Performance management in hybrid organisations: A study in social housing

Graham Manville (Lead Author), Richard Greatbanks

Research output: Contribution to journalArticlepeer-review

13 Citations (Scopus)
17 Downloads (Pure)


The nature and role of social housing across the European States is growing more diverse every decade. From the wide range of social housing as a percentage of total housing stock, the many different housing options provided, to the vast array of housing allocation mechanisms and differing levels of equity delivered by such mechanisms, social housing across Europe presents an increasingly complex social challenge. As such a one-size-fits-all solution to these challenges is unlikely to present itself, and researchers are therefore forced to focus on the specifics of a region or state—this is the case with this study.

Within the UK, Housing Associations (HAs) have played a fundamental role within successive government social housing policies for at least three decades. However, through a succession of legislative changes, welfare reform and the deregulation of their non-profit social role, HAs have been fundamentally challenged, and are now exposed to competition from private registered providers.

This study poses the overarching research question; what role does performance management play in the transition to a competitive hybridised social housing sector? Exploring this question, the paper analyses the effect of this transition through institutional isomorphism and considers specifically how a sample of English HAs sense uncertainty within the social housing sector and respond to the coercive, normative, and mimetic isomorphic pressures at play.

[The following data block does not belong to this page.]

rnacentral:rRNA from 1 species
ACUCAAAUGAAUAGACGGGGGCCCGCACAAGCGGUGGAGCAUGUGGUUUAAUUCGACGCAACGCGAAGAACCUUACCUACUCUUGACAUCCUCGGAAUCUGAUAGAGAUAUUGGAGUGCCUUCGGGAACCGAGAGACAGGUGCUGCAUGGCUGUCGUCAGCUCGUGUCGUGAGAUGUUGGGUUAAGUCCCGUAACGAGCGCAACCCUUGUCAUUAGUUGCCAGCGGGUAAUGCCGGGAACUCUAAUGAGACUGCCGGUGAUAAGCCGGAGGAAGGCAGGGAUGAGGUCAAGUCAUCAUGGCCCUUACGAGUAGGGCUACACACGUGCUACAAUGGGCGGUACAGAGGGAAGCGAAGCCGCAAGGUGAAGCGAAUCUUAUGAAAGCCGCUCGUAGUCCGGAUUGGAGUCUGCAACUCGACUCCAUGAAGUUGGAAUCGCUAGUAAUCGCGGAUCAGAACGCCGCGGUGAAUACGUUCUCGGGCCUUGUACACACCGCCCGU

This study finds the primary mechanism by which HAs appear to sense and respond to external changes within the sector is through their strategic performance measurement systems and metrics. Social, political, and competitive changes in the sector are ‘sensed’ as a misalignment within the existing strategic performance metrics, exerting isomorphic pressures on the organisational governance team to respond by realigning the performance metrics with the sensed changes. In this way, we posit that strategic performance measurement is linked to and plays a much more pivotal role, in the hybridisation of third-sector organisations than previously reported within the literature.

Examples of such realignment include the increased use of benchmarking performance as a normative practice, and the replication of perceived best practice from the private sector to remain competitive and sustainable. Such changes reflect on an increasingly hybridised position for HAs, which now focus on improving business-critical activities, rather than simply producing performance data as a means of demonstrating good governance and compliance to their regulatory body.
Original languageEnglish
Pages (from-to)533-545
Number of pages13
JournalEuropean Management Journal
Issue number3
Early online date17 Apr 2020
Publication statusPublished - Jun 2020


  • performance management
  • Third sector
  • Social Housing
  • hybridization

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